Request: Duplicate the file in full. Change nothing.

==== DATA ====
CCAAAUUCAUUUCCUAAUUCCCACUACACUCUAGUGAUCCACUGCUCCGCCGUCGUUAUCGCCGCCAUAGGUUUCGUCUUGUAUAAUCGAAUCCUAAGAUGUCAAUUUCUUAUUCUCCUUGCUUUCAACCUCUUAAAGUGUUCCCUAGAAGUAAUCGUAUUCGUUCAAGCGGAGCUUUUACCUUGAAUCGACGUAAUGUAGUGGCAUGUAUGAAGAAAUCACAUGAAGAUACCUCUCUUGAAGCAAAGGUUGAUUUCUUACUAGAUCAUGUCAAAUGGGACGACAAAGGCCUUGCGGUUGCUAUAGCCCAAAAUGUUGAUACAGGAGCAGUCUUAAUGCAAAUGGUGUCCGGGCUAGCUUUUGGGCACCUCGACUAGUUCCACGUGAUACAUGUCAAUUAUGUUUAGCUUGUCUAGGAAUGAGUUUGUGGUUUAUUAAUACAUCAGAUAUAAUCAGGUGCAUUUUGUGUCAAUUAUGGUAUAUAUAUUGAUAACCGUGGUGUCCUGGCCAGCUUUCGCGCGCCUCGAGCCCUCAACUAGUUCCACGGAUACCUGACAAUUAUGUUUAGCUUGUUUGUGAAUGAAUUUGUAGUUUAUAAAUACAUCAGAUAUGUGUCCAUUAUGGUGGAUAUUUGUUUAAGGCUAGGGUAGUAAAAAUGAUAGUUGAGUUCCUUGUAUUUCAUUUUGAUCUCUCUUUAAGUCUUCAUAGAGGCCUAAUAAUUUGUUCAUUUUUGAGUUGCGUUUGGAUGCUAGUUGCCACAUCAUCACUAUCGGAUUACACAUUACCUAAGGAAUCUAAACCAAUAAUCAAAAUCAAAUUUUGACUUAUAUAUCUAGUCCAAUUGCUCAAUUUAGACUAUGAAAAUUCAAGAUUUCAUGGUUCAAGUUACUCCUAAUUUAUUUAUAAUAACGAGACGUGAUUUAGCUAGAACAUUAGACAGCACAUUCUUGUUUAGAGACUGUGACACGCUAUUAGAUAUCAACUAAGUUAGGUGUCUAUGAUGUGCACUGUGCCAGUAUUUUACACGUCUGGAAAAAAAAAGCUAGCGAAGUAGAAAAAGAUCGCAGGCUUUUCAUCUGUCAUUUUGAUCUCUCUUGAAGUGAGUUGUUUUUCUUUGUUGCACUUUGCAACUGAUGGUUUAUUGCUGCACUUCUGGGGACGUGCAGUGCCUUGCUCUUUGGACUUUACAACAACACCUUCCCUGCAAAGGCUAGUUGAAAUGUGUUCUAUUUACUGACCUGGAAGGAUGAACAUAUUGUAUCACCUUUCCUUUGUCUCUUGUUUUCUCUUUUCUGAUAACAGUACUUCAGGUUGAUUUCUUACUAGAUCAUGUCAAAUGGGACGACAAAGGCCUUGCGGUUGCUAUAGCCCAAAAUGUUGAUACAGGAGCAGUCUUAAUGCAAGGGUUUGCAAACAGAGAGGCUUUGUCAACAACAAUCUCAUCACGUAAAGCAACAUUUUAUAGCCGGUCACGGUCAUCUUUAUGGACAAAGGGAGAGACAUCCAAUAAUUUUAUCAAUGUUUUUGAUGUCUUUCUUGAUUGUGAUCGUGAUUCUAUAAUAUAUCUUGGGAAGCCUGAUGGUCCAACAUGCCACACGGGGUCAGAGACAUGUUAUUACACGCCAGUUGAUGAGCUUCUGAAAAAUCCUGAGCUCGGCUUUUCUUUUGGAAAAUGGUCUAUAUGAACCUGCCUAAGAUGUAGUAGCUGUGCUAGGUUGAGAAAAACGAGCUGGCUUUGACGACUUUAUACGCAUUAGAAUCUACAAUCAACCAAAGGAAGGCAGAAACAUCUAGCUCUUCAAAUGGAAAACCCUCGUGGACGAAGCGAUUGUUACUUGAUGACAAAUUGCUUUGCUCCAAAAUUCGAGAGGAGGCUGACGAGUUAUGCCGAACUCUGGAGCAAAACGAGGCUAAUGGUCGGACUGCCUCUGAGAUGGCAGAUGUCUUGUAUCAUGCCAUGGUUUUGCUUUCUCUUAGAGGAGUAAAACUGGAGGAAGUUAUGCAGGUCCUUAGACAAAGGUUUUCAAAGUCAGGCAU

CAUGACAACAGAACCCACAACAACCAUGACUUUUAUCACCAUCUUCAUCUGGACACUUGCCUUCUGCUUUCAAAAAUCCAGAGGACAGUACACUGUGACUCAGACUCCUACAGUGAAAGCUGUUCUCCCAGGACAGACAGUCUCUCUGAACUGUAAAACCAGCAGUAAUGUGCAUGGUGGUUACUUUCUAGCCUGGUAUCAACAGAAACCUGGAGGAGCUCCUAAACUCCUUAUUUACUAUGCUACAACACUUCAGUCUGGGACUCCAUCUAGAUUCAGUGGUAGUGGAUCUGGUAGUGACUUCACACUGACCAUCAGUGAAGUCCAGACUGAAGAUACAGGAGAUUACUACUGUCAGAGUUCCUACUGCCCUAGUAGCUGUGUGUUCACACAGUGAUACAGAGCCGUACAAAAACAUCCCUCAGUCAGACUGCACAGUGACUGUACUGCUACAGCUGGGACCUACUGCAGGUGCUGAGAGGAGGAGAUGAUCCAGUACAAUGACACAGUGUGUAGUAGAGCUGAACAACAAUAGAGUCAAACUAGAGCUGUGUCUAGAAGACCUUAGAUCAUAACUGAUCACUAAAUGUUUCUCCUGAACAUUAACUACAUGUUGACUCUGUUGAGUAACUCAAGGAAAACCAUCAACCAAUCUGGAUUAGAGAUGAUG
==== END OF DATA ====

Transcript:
CCAAAUUCAUUUCCUAAUUCCCACUACACUCUAGUGAUCCACUGCUCCGCCGUCGUUAUCGCCGCCAUAGGUUUCGUCUUGUAUAAUCGAAUCCUAAGAUGUCAAUUUCUUAUUCUCCUUGCUUUCAACCUCUUAAAGUGUUCCCUAGAAGUAAUCGUAUUCGUUCAAGCGGAGCUUUUACCUUGAAUCGACGUAAUGUAGUGGCAUGUAUGAAGAAAUCACAUGAAGAUACCUCUCUUGAAGCAAAGGUUGAUUUCUUACUAGAUCAUGUCAAAUGGGACGACAAAGGCCUUGCGGUUGCUAUAGCCCAAAAUGUUGAUACAGGAGCAGUCUUAAUGCAAAUGGUGUCCGGGCUAGCUUUUGGGCACCUCGACUAGUUCCACGUGAUACAUGUCAAUUAUGUUUAGCUUGUCUAGGAAUGAGUUUGUGGUUUAUUAAUACAUCAGAUAUAAUCAGGUGCAUUUUGUGUCAAUUAUGGUAUAUAUAUUGAUAACCGUGGUGUCCUGGCCAGCUUUCGCGCGCCUCGAGCCCUCAACUAGUUCCACGGAUACCUGACAAUUAUGUUUAGCUUGUUUGUGAAUGAAUUUGUAGUUUAUAAAUACAUCAGAUAUGUGUCCAUUAUGGUGGAUAUUUGUUUAAGGCUAGGGUAGUAAAAAUGAUAGUUGAGUUCCUUGUAUUUCAUUUUGAUCUCUCUUUAAGUCUUCAUAGAGGCCUAAUAAUUUGUUCAUUUUUGAGUUGCGUUUGGAUGCUAGUUGCCACAUCAUCACUAUCGGAUUACACAUUACCUAAGGAAUCUAAACCAAUAAUCAAAAUCAAAUUUUGACUUAUAUAUCUAGUCCAAUUGCUCAAUUUAGACUAUGAAAAUUCAAGAUUUCAUGGUUCAAGUUACUCCUAAUUUAUUUAUAAUAACGAGACGUGAUUUAGCUAGAACAUUAGACAGCACAUUCUUGUUUAGAGACUGUGACACGCUAUUAGAUAUCAACUAAGUUAGGUGUCUAUGAUGUGCACUGUGCCAGUAUUUUACACGUCUGGAAAAAAAAAGCUAGCGAAGUAGAAAAAGAUCGCAGGCUUUUCAUCUGUCAUUUUGAUCUCUCUUGAAGUGAGUUGUUUUUCUUUGUUGCACUUUGCAACUGAUGGUUUAUUGCUGCACUUCUGGGGACGUGCAGUGCCUUGCUCUUUGGACUUUACAACAACACCUUCCCUGCAAAGGCUAGUUGAAAUGUGUUCUAUUUACUGACCUGGAAGGAUGAACAUAUUGUAUCACCUUUCCUUUGUCUCUUGUUUUCUCUUUUCUGAUAACAGUACUUCAGGUUGAUUUCUUACUAGAUCAUGUCAAAUGGGACGACAAAGGCCUUGCGGUUGCUAUAGCCCAAAAUGUUGAUACAGGAGCAGUCUUAAUGCAAGGGUUUGCAAACAGAGAGGCUUUGUCAACAACAAUCUCAUCACGUAAAGCAACAUUUUAUAGCCGGUCACGGUCAUCUUUAUGGACAAAGGGAGAGACAUCCAAUAAUUUUAUCAAUGUUUUUGAUGUCUUUCUUGAUUGUGAUCGUGAUUCUAUAAUAUAUCUUGGGAAGCCUGAUGGUCCAACAUGCCACACGGGGUCAGAGACAUGUUAUUACACGCCAGUUGAUGAGCUUCUGAAAAAUCCUGAGCUCGGCUUUUCUUUUGGAAAAUGGUCUAUAUGAACCUGCCUAAGAUGUAGUAGCUGUGCUAGGUUGAGAAAAACGAGCUGGCUUUGACGACUUUAUACGCAUUAGAAUCUACAAUCAACCAAAGGAAGGCAGAAACAUCUAGCUCUUCAAAUGGAAAACCCUCGUGGACGAAGCGAUUGUUACUUGAUGACAAAUUGCUUUGCUCCAAAAUUCGAGAGGAGGCUGACGAGUUAUGCCGAACUCUGGAGCAAAACGAGGCUAAUGGUCGGACUGCCUCUGAGAUGGCAGAUGUCUUGUAUCAUGCCAUGGUUUUGCUUUCUCUUAGAGGAGUAAAACUGGAGGAAGUUAUGCAGGUCCUUAGACAAAGGUUUUCAAAGUCAGGCAU

CAUGACAACAGAACCCACAACAACCAUGACUUUUAUCACCAUCUUCAUCUGGACACUUGCCUUCUGCUUUCAAAAAUCCAGAGGACAGUACACUGUGACUCAGACUCCUACAGUGAAAGCUGUUCUCCCAGGACAGACAGUCUCUCUGAACUGUAAAACCAGCAGUAAUGUGCAUGGUGGUUACUUUCUAGCCUGGUAUCAACAGAAACCUGGAGGAGCUCCUAAACUCCUUAUUUACUAUGCUACAACACUUCAGUCUGGGACUCCAUCUAGAUUCAGUGGUAGUGGAUCUGGUAGUGACUUCACACUGACCAUCAGUGAAGUCCAGACUGAAGAUACAGGAGAUUACUACUGUCAGAGUUCCUACUGCCCUAGUAGCUGUGUGUUCACACAGUGAUACAGAGCCGUACAAAAACAUCCCUCAGUCAGACUGCACAGUGACUGUACUGCUACAGCUGGGACCUACUGCAGGUGCUGAGAGGAGGAGAUGAUCCAGUACAAUGACACAGUGUGUAGUAGAGCUGAACAACAAUAGAGUCAAACUAGAGCUGUGUCUAGAAGACCUUAGAUCAUAACUGAUCACUAAAUGUUUCUCCUGAACAUUAACUACAUGUUGACUCUGUUGAGUAACUCAAGGAAAACCAUCAACCAAUCUGGAUUAGAGAUGAUG